Emancipated Minor — Defined
When a minor child is legally no longer under the care and control of their parent or guardian and has been granted the ability to assume adult responsibilities before they are “of age,” that child is said to be an emancipated minor.
As a parent, there isn’t a single situation where we can fathom not being responsible for our children unless they are at least 18 and old enough to venture off on their own. But the term emancipated minor is a real thing. An emancipated minor is someone who is under 18 yet can legally function in society as an adult without parental consent or being considered a ward of the state. Depending on the state in which they live, an emancipated minor can enter into legally binding contracts, apply for work, keep any income they earn and even make important healthcare decisions.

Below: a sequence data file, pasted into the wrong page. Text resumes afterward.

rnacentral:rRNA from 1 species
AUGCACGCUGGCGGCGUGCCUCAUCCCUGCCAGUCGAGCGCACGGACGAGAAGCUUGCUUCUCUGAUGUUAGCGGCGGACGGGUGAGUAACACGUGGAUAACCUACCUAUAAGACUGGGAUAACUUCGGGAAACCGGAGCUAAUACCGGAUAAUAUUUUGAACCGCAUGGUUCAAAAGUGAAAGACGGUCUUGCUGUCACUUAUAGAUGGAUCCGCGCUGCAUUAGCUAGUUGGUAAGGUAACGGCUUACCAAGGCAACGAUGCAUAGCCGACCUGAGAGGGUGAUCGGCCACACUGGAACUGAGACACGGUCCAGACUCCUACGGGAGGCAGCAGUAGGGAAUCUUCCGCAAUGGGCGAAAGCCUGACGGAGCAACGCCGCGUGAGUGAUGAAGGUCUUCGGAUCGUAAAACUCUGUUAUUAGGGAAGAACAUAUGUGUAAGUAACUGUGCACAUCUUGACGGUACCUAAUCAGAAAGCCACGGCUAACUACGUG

All states have some form of emancipation of minors, and there are generally four ways it would be granted.
Ways to become an emancipated minor
You’re married or getting married
Yes, minors can wed in Texas. Minors must still comply with state marriage requirements and get parental consent, but they typically receive emancipation once they get married.
You need to be removed from a dangerous situation
A court may rule for emancipation if the minor’s parents are abusive, neglectful, or not present. There are also a variety of other factors the court will look at to determine eligibility.
You can prove financial independence
This can be the case if a minor is already living apart from his or her parents, has made alternative living arrangements, and has a job.
Minors can become emancipated if they enlist in the military.
To become an emancipated minor, you must file a petition with the Court and notify your parents or legal guardians of your decision. Usually, a hearing will be scheduled to hear arguments and review evidence before deciding on the best course of action. If you are emancipated, you will receive an official declaration for your records.
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